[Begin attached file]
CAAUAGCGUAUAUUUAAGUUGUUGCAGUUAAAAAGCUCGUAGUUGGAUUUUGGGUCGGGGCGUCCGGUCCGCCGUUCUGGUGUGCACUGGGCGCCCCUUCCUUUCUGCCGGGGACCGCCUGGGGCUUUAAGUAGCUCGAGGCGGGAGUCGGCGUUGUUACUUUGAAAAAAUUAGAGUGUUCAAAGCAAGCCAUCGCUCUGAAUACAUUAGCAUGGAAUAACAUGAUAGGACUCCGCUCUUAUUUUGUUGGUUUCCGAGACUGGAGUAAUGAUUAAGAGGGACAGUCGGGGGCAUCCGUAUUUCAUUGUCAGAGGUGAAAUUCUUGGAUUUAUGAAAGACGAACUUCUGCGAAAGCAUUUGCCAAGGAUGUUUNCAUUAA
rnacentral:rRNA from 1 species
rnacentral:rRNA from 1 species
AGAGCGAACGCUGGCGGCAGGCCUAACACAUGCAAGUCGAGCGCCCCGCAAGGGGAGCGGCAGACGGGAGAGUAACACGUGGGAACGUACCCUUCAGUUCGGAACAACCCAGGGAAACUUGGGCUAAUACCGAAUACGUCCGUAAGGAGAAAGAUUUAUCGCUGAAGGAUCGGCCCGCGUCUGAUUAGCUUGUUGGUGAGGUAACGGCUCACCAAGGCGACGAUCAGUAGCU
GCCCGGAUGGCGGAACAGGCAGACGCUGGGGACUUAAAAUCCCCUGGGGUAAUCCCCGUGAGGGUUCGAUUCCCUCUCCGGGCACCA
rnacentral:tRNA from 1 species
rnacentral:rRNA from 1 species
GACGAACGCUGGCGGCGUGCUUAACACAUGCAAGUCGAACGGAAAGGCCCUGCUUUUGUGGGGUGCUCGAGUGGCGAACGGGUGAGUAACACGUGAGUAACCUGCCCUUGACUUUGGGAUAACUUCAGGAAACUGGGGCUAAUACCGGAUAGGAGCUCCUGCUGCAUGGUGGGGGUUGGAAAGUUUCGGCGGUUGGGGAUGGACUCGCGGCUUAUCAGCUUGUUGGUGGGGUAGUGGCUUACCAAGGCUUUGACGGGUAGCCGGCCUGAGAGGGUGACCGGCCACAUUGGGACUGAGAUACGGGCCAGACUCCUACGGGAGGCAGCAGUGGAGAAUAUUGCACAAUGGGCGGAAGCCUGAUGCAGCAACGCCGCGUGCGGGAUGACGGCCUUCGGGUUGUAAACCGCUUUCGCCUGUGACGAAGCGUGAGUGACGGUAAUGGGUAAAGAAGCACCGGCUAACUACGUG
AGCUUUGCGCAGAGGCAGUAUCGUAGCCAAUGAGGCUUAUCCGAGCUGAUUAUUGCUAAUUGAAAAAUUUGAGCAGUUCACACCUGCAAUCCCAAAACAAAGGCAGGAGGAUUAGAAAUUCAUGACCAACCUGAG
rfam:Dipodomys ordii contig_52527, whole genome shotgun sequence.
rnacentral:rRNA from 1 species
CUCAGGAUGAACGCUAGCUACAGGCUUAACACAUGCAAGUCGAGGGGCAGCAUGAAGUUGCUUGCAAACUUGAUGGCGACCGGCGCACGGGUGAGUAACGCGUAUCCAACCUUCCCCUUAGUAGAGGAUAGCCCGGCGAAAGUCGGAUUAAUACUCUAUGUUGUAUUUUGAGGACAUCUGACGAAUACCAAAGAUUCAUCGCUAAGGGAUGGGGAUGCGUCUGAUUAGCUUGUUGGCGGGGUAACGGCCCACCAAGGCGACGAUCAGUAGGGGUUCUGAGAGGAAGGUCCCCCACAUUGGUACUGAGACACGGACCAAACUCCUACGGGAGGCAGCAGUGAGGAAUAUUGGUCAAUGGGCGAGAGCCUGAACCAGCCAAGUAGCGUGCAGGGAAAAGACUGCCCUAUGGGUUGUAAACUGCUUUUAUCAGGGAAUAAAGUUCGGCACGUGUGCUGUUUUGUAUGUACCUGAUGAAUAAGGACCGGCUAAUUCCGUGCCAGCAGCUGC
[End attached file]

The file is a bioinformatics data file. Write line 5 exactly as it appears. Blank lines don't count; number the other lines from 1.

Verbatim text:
GCCCGGAUGGCGGAACAGGCAGACGCUGGGGACUUAAAAUCCCCUGGGGUAAUCCCCGUGAGGGUUCGAUUCCCUCUCCGGGCACCA